There always comes a time when a franchise becomes tired. It is the turn of Ethan Hunt (Tom Cruise), employee of the IMF (the Impossible Mission Force), to make the weight of the quarterly contributions felt on his shoulders.

This temporary weakness that affects a series of films can be a blessing in disguise, paving the way for fantasy, driving away the spirit of seriousness. This is what is happening for this fourth Mission: Impossible. If the scenario is banally effective, the production was entrusted to an unexpected candidate: Brad Bird, who has become, from Iron Giant (1999) to Ratatouille (2007), one of the best directors of animated films . Here he makes his debut in live action – to the extent that the term “real” can be appropriate in this universe where most of the laws of physics have been overturned with digital special effects.

Without quite subverting the rules of the genre, it twists them vigorously enough to produce comic situations, so that M:I 4 becomes a kind of cartoon performed by actors. Ultimately, Tom Cruise, who gets rolled over, falls from dizzying heights, walks through windows without opening them, has more in common with Vile Coyote than with Agent 007.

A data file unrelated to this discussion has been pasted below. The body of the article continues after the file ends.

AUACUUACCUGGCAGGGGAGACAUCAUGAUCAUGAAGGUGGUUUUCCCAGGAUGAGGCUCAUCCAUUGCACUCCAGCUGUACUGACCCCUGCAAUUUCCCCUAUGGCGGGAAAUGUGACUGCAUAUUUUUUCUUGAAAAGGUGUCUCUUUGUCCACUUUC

Recurring gag

It all begins in Budapest, where one of the IMF collaborators is shot dead by a blonde killer named Moreau (Léa Seydoux). She shot him when he was distracted by a beep on his phone alerting him to the approach of a blonde killer. This will be a recurring gag throughout the film. The sophisticated gadgets that allow Ethan Hunt and his comrades to penetrate the most enclosed spaces, to neutralize the toughest enemies, have a propensity to intervene at the wrong time, to glitch at the decisive moment.

After the assassination of Agent Hanaway, Ethan Hunt must be extracted from a Russian prison, where he is serving a sentence. The diet and exercise regime of the Russian prison administration can be cited as a model. At 49, Tom Cruise leaves his cell in dazzling form, which allows him to infiltrate the Kremlin basement a few hours after his release.

As usual, it’s about stopping a mad scientist from blowing up the planet, while overcoming the Russians’ spontaneous distrust of IMF agents. As the operation in the Kremlin ended with the destruction of a good part of the buildings, this distrust is even more acute than usual, to the point that the President of the United States disavows our heroes, now condemned to live under the terms of the “shadow protocol”.

The obligatory tricks (the transfer from one capital to another, the car chases, the sophisticated break-ins, the nuclear countdown) are accomplished without an ounce of conviction, but with a geometric rigor that definitively places the film on the side comedy.